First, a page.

The present invention further provides for vertical movement of a first carriage supporting the dot matrix ballistic print heads, ink source, and document feed belts on one side of the document path, and of a second carriage on the other side of the document path supporting the back-up platen rollers located adjacent the print heads and the back-up rollers for the document feed function located adjacent the document feed belts, to accommodate printing of documents of varying heights. The vertical movement of both carriages is independently mechanically coordinated by microprocessors or other suitable means to ensure that the back-up platen rollers are consistently in position opposite a corresponding print head at all vertical positions of the carriage supporting the print heads.
The present invention also provides for horizontal movement of the print head mounting carriage and its associated support frame to provide the proper pressure on the documents being transported along the document path, including pressure limit devices to prevent excessive pressure from being applied between the print heads and their associated back-up platen rollers. The horizontal movement of the carriage also allows the operator to clear paper jams in the print area, while the pressure limit devices protect the operator's hand in case the carriage is moved forward unknowingly.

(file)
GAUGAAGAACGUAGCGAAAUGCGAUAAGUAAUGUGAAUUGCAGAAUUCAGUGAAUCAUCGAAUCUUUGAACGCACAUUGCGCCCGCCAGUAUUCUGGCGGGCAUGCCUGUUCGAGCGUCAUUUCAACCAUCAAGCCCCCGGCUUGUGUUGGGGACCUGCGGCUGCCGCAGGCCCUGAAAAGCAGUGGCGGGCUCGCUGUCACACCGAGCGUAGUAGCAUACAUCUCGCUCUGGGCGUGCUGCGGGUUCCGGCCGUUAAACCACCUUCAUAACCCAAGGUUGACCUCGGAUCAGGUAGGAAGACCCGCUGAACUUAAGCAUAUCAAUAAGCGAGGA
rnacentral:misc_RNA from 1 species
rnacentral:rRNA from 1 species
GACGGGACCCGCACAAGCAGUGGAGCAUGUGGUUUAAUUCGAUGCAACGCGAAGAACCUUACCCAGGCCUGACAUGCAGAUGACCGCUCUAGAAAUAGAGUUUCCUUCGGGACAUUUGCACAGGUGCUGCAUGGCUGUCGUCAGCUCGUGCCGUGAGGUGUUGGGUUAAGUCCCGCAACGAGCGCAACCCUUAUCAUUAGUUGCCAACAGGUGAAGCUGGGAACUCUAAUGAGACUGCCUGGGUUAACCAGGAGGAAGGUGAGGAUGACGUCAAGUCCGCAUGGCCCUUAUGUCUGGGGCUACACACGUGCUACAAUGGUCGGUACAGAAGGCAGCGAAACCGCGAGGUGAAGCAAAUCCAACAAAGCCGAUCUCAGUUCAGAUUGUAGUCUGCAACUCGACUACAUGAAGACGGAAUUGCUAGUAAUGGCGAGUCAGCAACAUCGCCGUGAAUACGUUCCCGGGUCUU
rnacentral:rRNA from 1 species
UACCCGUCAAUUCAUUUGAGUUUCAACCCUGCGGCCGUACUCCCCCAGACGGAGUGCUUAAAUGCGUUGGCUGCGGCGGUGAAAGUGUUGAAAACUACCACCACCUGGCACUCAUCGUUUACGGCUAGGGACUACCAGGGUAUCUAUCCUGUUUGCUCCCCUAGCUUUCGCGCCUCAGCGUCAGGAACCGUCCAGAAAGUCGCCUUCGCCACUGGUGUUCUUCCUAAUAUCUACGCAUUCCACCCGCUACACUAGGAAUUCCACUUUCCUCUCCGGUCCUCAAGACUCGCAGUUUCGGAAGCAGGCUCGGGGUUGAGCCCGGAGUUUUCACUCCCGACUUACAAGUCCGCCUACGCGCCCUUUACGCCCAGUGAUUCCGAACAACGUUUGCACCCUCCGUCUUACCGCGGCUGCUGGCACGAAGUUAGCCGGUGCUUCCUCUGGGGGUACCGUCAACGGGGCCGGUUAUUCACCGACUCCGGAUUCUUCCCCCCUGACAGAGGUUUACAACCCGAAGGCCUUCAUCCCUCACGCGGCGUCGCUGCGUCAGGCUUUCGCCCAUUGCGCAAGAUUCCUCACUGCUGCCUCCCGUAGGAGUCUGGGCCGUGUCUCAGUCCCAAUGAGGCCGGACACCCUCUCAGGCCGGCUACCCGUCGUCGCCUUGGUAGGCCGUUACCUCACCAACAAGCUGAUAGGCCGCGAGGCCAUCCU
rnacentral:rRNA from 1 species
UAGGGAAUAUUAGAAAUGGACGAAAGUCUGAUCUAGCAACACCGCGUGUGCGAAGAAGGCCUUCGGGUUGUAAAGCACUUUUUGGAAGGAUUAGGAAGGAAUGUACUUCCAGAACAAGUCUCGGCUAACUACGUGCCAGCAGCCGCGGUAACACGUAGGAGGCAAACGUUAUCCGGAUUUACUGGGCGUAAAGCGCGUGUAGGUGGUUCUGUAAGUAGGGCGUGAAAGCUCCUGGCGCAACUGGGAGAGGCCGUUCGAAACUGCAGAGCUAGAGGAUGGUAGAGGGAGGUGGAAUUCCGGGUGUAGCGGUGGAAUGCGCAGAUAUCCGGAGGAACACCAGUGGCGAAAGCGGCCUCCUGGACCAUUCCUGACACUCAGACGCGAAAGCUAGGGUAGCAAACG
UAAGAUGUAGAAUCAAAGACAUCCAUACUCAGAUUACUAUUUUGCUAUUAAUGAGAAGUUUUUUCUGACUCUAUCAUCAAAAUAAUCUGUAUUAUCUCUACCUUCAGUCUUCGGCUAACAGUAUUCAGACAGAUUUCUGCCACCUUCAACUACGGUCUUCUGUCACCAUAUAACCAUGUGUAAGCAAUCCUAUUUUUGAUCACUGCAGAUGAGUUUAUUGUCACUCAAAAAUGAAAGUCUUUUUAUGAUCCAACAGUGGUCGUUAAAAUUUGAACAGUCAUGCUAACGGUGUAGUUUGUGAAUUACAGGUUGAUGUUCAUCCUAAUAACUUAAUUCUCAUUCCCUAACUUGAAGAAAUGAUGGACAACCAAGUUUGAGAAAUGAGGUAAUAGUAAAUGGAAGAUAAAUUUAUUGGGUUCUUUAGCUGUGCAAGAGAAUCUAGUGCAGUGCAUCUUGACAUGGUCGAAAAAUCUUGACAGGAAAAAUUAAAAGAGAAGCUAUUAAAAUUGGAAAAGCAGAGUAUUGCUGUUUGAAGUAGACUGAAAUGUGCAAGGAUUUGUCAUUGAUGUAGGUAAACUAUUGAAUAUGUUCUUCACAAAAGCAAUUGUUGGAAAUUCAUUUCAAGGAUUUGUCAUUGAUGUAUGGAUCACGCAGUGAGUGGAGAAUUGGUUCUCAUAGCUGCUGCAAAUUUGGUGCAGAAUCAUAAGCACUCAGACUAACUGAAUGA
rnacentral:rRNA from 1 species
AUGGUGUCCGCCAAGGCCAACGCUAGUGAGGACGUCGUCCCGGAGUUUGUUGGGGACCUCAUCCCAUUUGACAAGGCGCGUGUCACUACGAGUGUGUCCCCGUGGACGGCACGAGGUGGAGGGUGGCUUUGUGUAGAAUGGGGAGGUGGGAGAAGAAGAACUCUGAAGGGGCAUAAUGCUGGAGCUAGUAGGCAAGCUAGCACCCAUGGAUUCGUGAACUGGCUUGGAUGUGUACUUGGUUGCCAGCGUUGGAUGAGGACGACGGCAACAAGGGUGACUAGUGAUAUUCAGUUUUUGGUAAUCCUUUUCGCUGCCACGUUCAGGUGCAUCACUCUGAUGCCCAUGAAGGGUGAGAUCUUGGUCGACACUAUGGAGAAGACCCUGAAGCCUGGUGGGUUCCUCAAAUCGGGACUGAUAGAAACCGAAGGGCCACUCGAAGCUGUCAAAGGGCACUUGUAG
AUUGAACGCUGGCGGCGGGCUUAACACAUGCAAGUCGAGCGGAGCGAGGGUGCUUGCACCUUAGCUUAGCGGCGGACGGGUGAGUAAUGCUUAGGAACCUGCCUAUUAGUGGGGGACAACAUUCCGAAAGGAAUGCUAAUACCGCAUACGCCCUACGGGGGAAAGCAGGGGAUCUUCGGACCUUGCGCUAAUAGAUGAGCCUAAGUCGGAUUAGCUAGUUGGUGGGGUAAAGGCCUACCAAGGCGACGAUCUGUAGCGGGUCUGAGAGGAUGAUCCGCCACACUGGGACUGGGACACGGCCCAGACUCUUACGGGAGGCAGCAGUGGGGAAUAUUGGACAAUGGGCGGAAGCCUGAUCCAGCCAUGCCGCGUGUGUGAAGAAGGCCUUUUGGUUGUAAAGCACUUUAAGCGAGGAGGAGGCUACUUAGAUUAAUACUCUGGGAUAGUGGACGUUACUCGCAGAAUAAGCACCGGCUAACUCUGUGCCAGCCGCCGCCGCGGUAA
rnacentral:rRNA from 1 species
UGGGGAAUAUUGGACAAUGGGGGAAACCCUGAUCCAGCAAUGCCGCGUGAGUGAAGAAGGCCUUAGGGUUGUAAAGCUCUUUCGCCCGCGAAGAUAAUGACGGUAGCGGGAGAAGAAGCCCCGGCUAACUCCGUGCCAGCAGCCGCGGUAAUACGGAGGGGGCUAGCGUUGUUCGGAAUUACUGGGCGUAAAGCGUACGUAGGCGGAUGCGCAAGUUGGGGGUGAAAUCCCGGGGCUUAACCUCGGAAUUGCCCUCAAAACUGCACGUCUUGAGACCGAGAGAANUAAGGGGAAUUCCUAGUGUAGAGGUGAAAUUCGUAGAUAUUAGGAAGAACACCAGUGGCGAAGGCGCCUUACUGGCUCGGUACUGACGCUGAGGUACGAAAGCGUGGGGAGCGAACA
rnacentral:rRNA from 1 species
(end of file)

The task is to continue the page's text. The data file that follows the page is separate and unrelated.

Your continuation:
FIG. 1 is a cut-away top view of the printing apparatus according to the preferred embodiment of the subject invention, taken along line 1--1 of FIG. 4;
FIG. 2 is a frontal perspective view of the portion of the present invention comprising the support frame and vertically moveable carriage supporting the document guide rollers and the back-up platen rollers;
FIG. 3 is a frontal perspective view of the portion of the present invention comprising the support frame and vertically moveable carriage supporting the print heads and the document drive roller belts;
FIG. 4 is a cut-away side elevation view of the printing apparatus of the present invention, showing the relative positions of the back-up platen roller carriage, and the print head carriage, as supported by their respective frames, taken along line 4--4 of FIG. 1.
FIG. 5 is a cut-away detail view of the solenoid controlled back-up platen rollers forming part of the present invention;
FIG. 6 is a detail view of a document guide roller forming part of the present invention; and